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Posts Tagged ‘Jermaine Dye’

White Sox GM Kenny Williams More Than A Hidden Talent

Posted by sportsmaven on December 10, 2008

Chicago White Sox General Manager Kenny Williams has always been a man that plays his cards close to his vest.  In the super secret sensitive world of Major League Baseball, that position is not necessarily a terrible proposition, as team are competitive in nature, from ownership right on down to the clubhouse management teams.  Across town, Williams’ counterpart, Cubs GM Jim Hendry, is embroiled in the highest profile deal making at the Annual Baseball General Manager’s meetings in Las Vegas, courting perhaps the National League’s best pitcher this side of CC Sabathia in Padres P Jake Peavy.

Hendry has been open in his desire to acquire Peavy and is generally open in discussing his desires to continually improve the level of talent for the Chicago Cubs.  Here is where he and Kenny Williams diverge, and that divergence may be misinterpreted as Williams not being cooperative and sleuth-like in managing his team.  In a Chicago Sun-Times article on December 10th, Williams comments on his recent transactions and his potential transactions to date in this off-season certainly reinforces the “sleuthness” of his personality:

“I don’t have any timeframe, any timetable to do anything. We are in the fortunate position where we have good young players, we’ve acquired more depth. We’ve also not taken our eye off some of the veterans that could make themselves available to us in the marketplace. My guys are under instruction to listen to deals and potential deals whether they go along the prospect lines or the veteran lines.”

Kenny Williams is certainly underestimated as a baseball GM.  His work has resulted in 2 division titles and a World Series Championship since 2005.  He has hit big with the Carlos Quentin acquisition, John Danks, Gavin Floyd, A.J. Pierzynski, Jermaine Dye and a host of others that have kept the White Sox in playoff contention for most of his tenure.  He has done it with limited budget and a very demanding ownership group looking over his shoulder.

He has done it in a city where the White Sox are the red headed stepchild to the more venable Chicago Cubs in a city deeply divided in it’s baseball loyalties.  He has endured extreme criticism, risen to the top of the mountain in bringing the White Sox their first World Series title in 88 years in the Sox infamous 11-1 playoff run in 2005.

Williams was also a key figure in Michael Lewis’s bestselling book, Moneyball: The Art of Winning An Unfair Game.  In the book, Lewis details Oakland Athletics GM Billy Beane’s dealings, more than a few with Kenny Williams.  Williams is characterized in the book as a GM that is consistently outmanaged and outsmarted by efficient analysis of Beane and his team, almost looking foolish and overmatched.  Lewis paints Billy Beane as a statistical mad scientist, brilliant in his management of efficiency in a market in which Beane must be creative to compete.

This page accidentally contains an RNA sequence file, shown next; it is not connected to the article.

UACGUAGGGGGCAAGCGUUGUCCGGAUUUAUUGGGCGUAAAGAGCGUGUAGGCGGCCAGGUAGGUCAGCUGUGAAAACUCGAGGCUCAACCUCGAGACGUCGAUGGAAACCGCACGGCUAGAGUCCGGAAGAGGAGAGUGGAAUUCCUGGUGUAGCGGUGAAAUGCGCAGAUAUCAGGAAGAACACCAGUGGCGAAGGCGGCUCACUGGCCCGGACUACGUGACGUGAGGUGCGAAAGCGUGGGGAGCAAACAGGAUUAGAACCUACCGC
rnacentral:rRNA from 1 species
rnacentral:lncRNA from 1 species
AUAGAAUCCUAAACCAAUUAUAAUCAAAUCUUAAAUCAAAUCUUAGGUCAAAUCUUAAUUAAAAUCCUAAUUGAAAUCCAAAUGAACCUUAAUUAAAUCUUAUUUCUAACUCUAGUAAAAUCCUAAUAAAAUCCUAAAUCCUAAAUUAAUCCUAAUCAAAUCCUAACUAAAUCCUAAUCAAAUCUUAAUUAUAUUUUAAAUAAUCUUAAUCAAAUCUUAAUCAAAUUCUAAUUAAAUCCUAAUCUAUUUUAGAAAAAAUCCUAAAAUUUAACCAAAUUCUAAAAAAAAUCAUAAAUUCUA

But with all the brilliance of a Billy Beane as portrayed in Moneyball, it is Williams that ultimately gets the last laugh, as he is the one with the World Series championship and not Beane.

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The Chicago White Sox Are The Surprise Team In AL Central

Posted by sportsmaven on April 22, 2008

The surprise team in the AL Central this season is the Chicago White Sox. After a dismal 72-90 season in 2007, the Sox were picked no higher than 3rd place in most prognosticators division rankings for 2008. The Sox are certainly hitting the ball, with a solid offense led by Joe Crede, Jermaine Dye, Jim Thome and newcomers Nick Swisher and Carlos Quentin.

While the Sox were expected to be strong offensively, the true surprise for this team has been the solid performance of the pitching staff, especially the starters. Going into 2008, Mark Buehrle and Javier Vasquez were expected to be staff leaders. The back half of the staff has been led by a recent resurgence from Jose Contreras, who had his best outing since the World Series season of 2005 in his start on April 16th against the Baltimore Orioles, hurling 7 innings of 1 run ball with 6 strikeouts.

Gavin Floyd and John Danks have been the most surprising, with Floyd taking a no-hitter into the 8th inning of his start against the Detroit Tigers on April 12th. Floyd is 2-0 with a 1.40 ERA and improving by leaps and bounds as this season progresses. John Danks has also been fantastic, with a 2-1 record and a 3.04 ERA. Danks currently has a 14 2/3 inning shutout streak, and outside of a 2 1/3 inning, 7 run outing against the Minnesota Twins on April 9th, his ERA would be a sparkling 0.14 (1 earned run in 21 1/3 innings pitched)

If the Sox continue to get quality pitching, they can dominate a AL Central Division that suddenly appears to be much weaker than anticipated. The Detroit Tigers and Cleveland Indians have huge pitching problems that may not work themselves out. While Sox pitching continues to dominate AL Central play, the teams considered the strong horses of the division are fading early, providing the Sox a great opportunity to open up a formidable lead in the early part of the the 2008 season.

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Sports Maven’s Top 5 Needs for White Sox in 2007